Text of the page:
In the wake of the Covid-19 pandemic, with hybrid and remote working much more common on an ongoing basis for millions of people, moving from large towns and cities to somewhere a bit less populated is no longer just an option for the retired or the very rich.
If you’re planning a move to a rural or coastal area, what kind of considerations should you look at for each option? We take a look at some of the things you might want to take into account before making a decision on where to look for your next home.
The pros and cons of moving to the coast
As an island, the UK has thousands of miles of coastline, and there are plenty of benefits when it comes to coastal living. These include:
- Lots of opportunities for involvement with water sports
- Beaches – for relaxing and occasional (it is the UK after all) sunbathing
- Lots of tourist attractions that locals can enjoy too
- Plenty of options when it comes to eating out and entertainment
- Potential health (physical and mental) benefits from sea air, a different pace of life and more regular physical activity
As with any location choice, there can be some downsides too, although these will depend very much on personal preference as to how important they are to any individual, family or household. They may include:
- Higher property prices in popular coastal areas
- Crowded at peak tourist times of the year
- Some venues and facilities close during the off-season, meaning locals can’t take advantage of enjoying them at these times
- The coastal weather (higher winds, salty air) can mean properties and other things kept outside can need more maintenance than they would inland
- Potential flood risk, depending on the area
The pros and cons of moving to the countryside
Waking up to birdsong and looking out of the window to see green fields and rolling hills is the dream for many. Some of the benefits of countryside living include:
- Slower pace of life than urban living
- Often lower costs of living day to day than cities
- Great views and nearby countryside walks
- More peace and quiet in comparison to urban living
- Increased connection to nature, known to be beneficial to mental health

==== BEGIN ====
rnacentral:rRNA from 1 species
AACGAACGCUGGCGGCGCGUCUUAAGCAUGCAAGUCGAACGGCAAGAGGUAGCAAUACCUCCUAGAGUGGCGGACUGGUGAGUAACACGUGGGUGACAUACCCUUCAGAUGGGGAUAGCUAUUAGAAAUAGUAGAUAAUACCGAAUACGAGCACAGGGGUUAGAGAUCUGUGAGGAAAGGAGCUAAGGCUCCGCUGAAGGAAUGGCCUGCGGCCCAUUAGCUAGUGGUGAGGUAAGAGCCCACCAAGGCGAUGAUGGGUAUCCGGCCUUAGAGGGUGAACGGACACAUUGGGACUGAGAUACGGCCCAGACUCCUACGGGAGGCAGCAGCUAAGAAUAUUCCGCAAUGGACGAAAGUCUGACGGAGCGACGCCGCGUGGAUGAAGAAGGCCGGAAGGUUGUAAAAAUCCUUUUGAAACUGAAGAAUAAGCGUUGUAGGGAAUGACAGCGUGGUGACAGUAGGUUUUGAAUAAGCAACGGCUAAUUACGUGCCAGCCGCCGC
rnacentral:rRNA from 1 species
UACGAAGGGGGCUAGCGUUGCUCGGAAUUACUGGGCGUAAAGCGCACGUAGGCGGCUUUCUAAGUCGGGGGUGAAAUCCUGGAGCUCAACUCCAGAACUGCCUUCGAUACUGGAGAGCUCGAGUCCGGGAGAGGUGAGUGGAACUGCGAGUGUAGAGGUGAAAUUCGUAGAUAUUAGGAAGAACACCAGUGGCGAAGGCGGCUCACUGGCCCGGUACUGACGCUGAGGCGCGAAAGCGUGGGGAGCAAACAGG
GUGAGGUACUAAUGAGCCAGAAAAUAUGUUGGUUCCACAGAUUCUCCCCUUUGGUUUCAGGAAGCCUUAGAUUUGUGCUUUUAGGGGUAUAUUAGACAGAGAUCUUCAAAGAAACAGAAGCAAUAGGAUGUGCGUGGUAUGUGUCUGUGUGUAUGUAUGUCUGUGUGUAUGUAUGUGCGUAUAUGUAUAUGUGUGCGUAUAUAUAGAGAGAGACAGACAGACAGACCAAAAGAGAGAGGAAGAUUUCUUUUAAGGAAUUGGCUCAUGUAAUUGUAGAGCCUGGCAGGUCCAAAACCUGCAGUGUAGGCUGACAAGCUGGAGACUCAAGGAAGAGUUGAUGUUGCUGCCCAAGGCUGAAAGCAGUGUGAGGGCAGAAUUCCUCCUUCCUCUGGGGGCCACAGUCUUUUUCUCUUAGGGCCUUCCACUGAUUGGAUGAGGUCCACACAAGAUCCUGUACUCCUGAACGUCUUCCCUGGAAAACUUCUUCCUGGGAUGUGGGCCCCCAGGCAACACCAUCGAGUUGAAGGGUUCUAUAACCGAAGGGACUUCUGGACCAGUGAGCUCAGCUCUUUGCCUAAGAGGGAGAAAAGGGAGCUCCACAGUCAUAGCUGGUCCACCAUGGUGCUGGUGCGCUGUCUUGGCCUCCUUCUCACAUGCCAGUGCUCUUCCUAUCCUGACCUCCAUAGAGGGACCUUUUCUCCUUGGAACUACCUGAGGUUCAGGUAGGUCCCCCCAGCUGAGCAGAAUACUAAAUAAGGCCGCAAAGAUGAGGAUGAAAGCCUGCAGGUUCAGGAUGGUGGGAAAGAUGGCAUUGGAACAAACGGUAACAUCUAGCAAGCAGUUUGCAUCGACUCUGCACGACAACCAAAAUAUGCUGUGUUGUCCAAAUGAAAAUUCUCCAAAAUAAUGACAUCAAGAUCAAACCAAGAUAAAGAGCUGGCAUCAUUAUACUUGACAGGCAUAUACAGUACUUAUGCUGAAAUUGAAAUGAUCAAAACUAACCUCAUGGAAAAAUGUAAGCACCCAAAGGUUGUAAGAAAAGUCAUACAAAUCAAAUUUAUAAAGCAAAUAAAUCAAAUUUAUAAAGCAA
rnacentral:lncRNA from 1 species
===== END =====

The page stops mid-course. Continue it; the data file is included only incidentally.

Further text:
- Lower population often means a greater sense of community for rural residents
- Getting more space (often both indoor and outdoor) for your money when buying property (especially in areas outside popular commuter belts)
While this might sound perfect so far, there are some potential cons to country living too, which could include:
- Fewer options when it comes to most things that city-dwellers take for granted e.g. shops and services open all hours, choices when it comes to schooling or higher education, health and dental care, entertainment outside the home etc.
- Properties come to market less often, so demand can outstrip supply when you’re looking to buy a home in the countryside
- May not be connected to utility services such as gas and mains sewerage or might have poor internet service and a lack of other options
- Not as easy to get around, especially in winter or if relying on public transport
What some people see as a disadvantage, may actually be a selling point to someone else, because we all have different preferences and reasons for wanting to move to the coast or countryside.
If you just can’t decide between the two, there are plenty of regions in the UK which have stunning countryside AND beautiful coastline nearby, so you can get the best of both worlds. North Wales is an example of this, with mountains, forests and many areas of natural beauty and beaches galore.
If you’re looking for a new home away from the hustle and bustle of the city, we have plenty of options that could suit you in Flintshire and the surrounding areas. View our properties for sale today.